Obama/Romney Play Politics With Medicare
CBS News has a story (http://www.cbsnews.com/8301-503544_162-57511466-503544/obama-romney-run-...) which identifies the distortions in political ads recently released by both presidential campaigns. Excerpts:
Both the Obama and the Romney campaigns on Wednesday released TV ads attacking each other over Medicare, and both are somewhat misleading.
The Obama campaign's new ad tells voters that the new AARP voter guide "is out with facts you need on Medicare."
The ad makes assertions about the president's position on Medicare, as well as Mitt Romney's positions, and suggests that AARP backs up these assertions as "fact."
AARP regularly stresses that it is nonpartisan and does not support any candidates.
When the Obama campaign cited the AARP in a similar ad last month to defend its Medicare plan, the lobbying group distanced itself from the ad.
"The next president and Congress will decide the future of Medicare, and the candidates owe voters straight talk - not just 30-second ads - about what their plans will mean for today's seniors and future retirees," AARP senior vice president John Hishta said in a statement. "We were not aware of nor have any involvement with this campaign ad. AARP is a nonpartisan organization and we do not endorse political candidates."
The Romney campaign, meanwhile, released a Spanish-language ad blasting Mr. Obama for making cuts to Medicare while funding a new federal health care program, the Affordable Care Act.
The Romney campaign has regularly charged that the significant cuts to Medicare that Mr. Obama oversaw will undermine the program. The cuts, however, do not limit access to benefits for Medicare recipients, and Mr. Obama's health care law actually gives more benefits to seniors -- including new preventive care benefits and increased prescription drug coverage.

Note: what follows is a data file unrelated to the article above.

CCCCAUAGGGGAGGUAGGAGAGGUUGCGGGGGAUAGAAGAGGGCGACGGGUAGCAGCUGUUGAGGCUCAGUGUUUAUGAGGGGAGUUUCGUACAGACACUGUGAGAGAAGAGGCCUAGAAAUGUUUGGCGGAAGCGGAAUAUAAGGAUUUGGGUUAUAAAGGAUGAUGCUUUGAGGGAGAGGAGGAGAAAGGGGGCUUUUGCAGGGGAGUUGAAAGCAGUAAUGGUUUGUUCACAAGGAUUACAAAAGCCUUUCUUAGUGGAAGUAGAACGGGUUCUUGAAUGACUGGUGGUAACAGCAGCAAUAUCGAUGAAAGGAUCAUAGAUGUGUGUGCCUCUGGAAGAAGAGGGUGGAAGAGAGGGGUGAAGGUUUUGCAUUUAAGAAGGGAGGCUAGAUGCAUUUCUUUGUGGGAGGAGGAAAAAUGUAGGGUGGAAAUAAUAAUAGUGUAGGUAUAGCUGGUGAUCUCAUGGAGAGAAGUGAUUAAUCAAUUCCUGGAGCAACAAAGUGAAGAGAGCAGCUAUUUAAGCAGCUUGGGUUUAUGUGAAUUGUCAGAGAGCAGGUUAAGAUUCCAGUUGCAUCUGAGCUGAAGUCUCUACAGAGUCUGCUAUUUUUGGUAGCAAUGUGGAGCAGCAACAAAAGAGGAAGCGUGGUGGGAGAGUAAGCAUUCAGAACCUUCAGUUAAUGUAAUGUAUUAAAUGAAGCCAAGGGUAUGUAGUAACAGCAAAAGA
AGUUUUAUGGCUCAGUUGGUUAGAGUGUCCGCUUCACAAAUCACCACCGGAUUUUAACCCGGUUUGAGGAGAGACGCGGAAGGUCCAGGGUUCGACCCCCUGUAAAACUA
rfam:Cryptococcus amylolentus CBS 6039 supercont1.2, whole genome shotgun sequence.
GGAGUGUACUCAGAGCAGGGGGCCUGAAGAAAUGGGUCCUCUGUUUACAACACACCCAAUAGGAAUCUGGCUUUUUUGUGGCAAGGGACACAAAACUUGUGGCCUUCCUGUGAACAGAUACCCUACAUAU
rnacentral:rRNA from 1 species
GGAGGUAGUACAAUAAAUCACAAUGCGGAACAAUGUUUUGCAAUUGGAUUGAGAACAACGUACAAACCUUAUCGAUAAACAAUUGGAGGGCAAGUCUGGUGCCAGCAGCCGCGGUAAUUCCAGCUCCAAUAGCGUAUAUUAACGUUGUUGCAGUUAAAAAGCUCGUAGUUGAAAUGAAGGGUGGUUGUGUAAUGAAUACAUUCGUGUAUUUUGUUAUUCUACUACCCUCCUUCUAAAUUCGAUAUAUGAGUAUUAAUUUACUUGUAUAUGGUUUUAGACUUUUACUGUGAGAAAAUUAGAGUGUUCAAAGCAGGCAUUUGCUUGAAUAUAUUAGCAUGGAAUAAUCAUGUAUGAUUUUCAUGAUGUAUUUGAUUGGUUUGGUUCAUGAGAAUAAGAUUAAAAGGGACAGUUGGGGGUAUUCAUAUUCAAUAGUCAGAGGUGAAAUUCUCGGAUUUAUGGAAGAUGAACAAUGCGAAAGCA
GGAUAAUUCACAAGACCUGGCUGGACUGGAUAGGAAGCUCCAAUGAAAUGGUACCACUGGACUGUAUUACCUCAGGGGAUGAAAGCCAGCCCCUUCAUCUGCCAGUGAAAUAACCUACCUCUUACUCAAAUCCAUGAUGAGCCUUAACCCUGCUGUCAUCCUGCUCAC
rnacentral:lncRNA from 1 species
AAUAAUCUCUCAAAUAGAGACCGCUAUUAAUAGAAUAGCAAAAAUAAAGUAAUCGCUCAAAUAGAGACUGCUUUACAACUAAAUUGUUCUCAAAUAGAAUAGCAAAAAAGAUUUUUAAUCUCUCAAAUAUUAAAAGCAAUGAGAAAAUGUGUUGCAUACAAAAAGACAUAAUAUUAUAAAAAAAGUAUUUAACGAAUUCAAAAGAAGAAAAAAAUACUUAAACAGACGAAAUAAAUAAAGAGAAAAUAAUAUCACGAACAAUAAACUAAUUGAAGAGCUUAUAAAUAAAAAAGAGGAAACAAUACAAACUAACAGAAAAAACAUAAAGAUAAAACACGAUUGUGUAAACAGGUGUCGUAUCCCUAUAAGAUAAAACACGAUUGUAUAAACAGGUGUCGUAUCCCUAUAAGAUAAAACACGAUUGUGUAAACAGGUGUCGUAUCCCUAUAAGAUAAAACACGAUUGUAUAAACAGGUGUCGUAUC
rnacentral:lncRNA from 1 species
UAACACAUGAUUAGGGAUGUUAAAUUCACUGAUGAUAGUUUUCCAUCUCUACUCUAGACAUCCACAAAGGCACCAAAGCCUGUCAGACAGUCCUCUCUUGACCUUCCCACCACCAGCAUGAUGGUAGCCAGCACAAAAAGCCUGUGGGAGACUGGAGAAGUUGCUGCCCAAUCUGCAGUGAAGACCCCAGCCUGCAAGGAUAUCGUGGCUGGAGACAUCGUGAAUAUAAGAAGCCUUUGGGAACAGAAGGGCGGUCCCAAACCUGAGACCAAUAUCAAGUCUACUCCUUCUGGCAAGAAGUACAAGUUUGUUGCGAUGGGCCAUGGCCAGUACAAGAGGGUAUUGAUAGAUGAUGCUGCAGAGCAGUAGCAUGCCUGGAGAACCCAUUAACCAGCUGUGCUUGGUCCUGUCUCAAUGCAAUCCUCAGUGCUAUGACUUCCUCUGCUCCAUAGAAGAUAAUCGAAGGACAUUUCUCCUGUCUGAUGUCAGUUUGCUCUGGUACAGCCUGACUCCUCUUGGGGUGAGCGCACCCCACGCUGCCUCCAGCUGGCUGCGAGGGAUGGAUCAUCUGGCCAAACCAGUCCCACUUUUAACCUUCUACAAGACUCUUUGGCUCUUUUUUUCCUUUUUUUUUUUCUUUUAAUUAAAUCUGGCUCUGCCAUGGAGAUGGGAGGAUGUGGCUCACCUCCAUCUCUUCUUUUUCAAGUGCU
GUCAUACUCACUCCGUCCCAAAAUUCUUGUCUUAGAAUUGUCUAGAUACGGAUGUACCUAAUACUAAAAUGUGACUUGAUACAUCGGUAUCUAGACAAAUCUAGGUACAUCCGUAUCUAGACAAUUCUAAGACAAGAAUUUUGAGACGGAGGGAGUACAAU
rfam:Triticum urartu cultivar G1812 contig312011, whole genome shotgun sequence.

The $716 billion in cuts to Medicare do indeed help pay for parts of the Affordable Care Act, but instead of restricting benefits, the cuts target hospital reimbursements and payments to other providers, as well as Medicare Advantage plans.
Neither candidate is squarely facing the real problems in our health care system. Nor are they really addressing the central problems facing Medicare. By manipulating the information made available to voters, both candidates are attempting to use our nation's interest in a good health care program--Medicare--to win this election.
If you want straight talk about health system reform, you will have to find it outside the political arena. Both major parties are not accustomed to being accountable for how they treat patients. We need a grass roots movement outside of partisan politics to take on the reform of our health care system. The corporate interests which dominate politics through political donations will never cede that territory to the real interests of patients.
Dr. Joe Jarvis